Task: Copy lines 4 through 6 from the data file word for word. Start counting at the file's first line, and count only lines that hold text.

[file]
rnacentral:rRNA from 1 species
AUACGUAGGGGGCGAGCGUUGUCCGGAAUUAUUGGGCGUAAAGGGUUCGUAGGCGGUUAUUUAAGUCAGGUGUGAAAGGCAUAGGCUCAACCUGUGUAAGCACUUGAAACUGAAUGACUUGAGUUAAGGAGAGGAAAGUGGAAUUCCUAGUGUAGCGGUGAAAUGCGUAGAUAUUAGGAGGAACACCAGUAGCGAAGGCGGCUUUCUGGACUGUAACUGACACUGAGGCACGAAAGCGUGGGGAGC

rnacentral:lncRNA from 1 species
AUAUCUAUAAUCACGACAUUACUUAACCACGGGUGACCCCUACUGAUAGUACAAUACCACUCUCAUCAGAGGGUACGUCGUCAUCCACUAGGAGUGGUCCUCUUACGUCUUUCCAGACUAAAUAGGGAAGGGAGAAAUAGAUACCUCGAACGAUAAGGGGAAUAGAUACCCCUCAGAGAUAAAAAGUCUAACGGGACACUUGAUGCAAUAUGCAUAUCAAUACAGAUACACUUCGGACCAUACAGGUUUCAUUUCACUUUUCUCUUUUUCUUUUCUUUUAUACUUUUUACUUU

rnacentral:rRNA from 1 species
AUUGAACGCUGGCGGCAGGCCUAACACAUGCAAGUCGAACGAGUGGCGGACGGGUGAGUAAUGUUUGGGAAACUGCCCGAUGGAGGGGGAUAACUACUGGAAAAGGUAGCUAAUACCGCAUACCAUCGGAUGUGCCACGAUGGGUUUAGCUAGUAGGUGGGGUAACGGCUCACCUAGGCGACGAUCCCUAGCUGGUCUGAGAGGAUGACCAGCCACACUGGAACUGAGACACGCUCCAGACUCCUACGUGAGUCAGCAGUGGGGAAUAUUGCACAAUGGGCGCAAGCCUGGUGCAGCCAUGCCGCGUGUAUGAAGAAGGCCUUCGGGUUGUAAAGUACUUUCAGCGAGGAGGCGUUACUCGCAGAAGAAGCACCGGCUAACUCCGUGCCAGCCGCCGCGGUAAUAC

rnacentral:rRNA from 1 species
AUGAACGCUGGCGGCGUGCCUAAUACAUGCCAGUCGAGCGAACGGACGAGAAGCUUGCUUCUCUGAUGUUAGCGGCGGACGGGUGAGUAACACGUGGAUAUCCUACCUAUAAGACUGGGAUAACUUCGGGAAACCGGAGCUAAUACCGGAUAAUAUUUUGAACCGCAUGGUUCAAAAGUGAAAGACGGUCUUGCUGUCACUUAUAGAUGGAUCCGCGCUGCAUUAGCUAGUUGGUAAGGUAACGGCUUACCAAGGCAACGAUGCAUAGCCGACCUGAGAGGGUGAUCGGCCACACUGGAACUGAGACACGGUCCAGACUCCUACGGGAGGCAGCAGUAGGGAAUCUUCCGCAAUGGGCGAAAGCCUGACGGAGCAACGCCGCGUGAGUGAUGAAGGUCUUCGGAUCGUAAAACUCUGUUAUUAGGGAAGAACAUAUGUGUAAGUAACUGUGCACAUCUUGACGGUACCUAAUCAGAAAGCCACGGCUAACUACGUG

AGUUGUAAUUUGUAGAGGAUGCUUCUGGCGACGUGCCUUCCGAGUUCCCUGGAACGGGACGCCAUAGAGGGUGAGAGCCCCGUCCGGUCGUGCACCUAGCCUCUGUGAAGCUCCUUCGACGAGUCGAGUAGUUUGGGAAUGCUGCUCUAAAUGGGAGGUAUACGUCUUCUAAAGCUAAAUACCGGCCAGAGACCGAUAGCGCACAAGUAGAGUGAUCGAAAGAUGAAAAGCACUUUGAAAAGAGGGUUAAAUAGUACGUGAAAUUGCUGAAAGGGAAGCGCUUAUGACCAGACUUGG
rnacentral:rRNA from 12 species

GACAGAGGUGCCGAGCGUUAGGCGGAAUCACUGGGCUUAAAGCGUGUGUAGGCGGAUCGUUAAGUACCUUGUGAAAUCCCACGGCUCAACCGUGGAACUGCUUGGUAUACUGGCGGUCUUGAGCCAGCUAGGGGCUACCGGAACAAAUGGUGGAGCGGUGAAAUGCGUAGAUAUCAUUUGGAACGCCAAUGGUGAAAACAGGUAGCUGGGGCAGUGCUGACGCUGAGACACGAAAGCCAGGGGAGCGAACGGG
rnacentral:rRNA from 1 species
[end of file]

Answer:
AUAUCUAUAAUCACGACAUUACUUAACCACGGGUGACCCCUACUGAUAGUACAAUACCACUCUCAUCAGAGGGUACGUCGUCAUCCACUAGGAGUGGUCCUCUUACGUCUUUCCAGACUAAAUAGGGAAGGGAGAAAUAGAUACCUCGAACGAUAAGGGGAAUAGAUACCCCUCAGAGAUAAAAAGUCUAACGGGACACUUGAUGCAAUAUGCAUAUCAAUACAGAUACACUUCGGACCAUACAGGUUUCAUUUCACUUUUCUCUUUUUCUUUUCUUUUAUACUUUUUACUUU

rnacentral:rRNA from 1 species
AUUGAACGCUGGCGGCAGGCCUAACACAUGCAAGUCGAACGAGUGGCGGACGGGUGAGUAAUGUUUGGGAAACUGCCCGAUGGAGGGGGAUAACUACUGGAAAAGGUAGCUAAUACCGCAUACCAUCGGAUGUGCCACGAUGGGUUUAGCUAGUAGGUGGGGUAACGGCUCACCUAGGCGACGAUCCCUAGCUGGUCUGAGAGGAUGACCAGCCACACUGGAACUGAGACACGCUCCAGACUCCUACGUGAGUCAGCAGUGGGGAAUAUUGCACAAUGGGCGCAAGCCUGGUGCAGCCAUGCCGCGUGUAUGAAGAAGGCCUUCGGGUUGUAAAGUACUUUCAGCGAGGAGGCGUUACUCGCAGAAGAAGCACCGGCUAACUCCGUGCCAGCCGCCGCGGUAAUAC